Hi guys,

I have been trying to implement the A* algorithm in C++ and would like to make use of the priority_queue structure to hold the open and closed lists of nodes. The problem is, all of the algorithms that I have found use the equivalent of a "search/contains" function to determine whether the priority queues contain a particular node. Unfortunately, the C++ priority_queue doesn't implement such a function :(

Could anyone suggest a good workaround or a useful alternative?

Thanks a lot!

The Boost Graph libraries have an implementation of A* (and Dijkstra if you want) which both rely on a priority queue implementation that has more capabilities than the standard priority queue. Their priority queue implementation is also indirect which is also helpful. It supports functions like push_or_update, update, and contains which is really all you need for A*, which is lacking from the standard implementation. This queue is called d_ary_heap_indirect and here is a simple example by daviddoria on using it (among other nice examples of BGL). There is also a slightly more feature-rich and non-BGL priority-queue implementation available in the latest version of Boost called just d_ary_heap.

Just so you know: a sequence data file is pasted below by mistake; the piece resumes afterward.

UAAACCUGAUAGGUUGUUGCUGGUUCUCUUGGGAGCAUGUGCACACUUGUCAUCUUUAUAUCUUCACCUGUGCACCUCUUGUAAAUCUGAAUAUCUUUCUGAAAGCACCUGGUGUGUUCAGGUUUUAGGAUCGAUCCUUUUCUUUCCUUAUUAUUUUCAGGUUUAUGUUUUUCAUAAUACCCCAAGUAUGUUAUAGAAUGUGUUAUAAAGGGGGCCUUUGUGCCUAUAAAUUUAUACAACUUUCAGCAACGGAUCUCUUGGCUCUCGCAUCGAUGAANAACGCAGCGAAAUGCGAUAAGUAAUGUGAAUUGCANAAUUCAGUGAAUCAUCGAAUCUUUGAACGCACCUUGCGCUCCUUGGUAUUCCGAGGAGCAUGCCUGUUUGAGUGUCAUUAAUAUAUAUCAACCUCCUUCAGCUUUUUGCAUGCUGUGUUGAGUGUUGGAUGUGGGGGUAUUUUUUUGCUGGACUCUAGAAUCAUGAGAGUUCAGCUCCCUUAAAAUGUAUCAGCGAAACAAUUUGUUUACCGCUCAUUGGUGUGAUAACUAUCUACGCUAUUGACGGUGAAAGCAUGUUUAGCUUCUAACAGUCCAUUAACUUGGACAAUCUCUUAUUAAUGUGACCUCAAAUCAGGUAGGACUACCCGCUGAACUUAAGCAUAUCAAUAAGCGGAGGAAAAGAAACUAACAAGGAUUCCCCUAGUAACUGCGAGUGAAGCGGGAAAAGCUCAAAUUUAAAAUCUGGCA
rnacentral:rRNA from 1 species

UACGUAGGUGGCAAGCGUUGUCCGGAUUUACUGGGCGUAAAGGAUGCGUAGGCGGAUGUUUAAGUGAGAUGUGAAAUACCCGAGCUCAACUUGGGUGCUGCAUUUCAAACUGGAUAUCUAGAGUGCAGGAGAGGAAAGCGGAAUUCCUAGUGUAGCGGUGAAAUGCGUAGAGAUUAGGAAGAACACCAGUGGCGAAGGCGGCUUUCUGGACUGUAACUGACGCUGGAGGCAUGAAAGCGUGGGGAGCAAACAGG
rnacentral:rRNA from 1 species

And btw, checking if a node is in the open list by checking if it is present in the priority queue is really inefficient. Most algorithms rely on a coloring scheme (or masking) meaning that you store, for each node, a status flag (or color) which tells you whether the node is open or closed (or un-discovered, or inconsistent, etc, depending on the variation of A* that you are implementing). It's very easy, as part of your algorithm, to make sure that the state of the flag is consistent with what set or priority-queue the node is in, because you control when nodes are moved in and out of the sets. I encourage you to either use the BGL implementation of A* or to at least check it out, see it here: docs and code. I also have an implementation of AD* available which is in the same style as the BGL A*, available here.

Comments
Clear, concise response

Unfortunately for the work that I am doing I am not allowed to make use of the Boost Graph libraries. Do you have any other suggestions and perhaps some C++ specific code samples that I could take a look at?
Any help will be greatly appreciated :)

This article has been dead for over six months. Start a new discussion instead.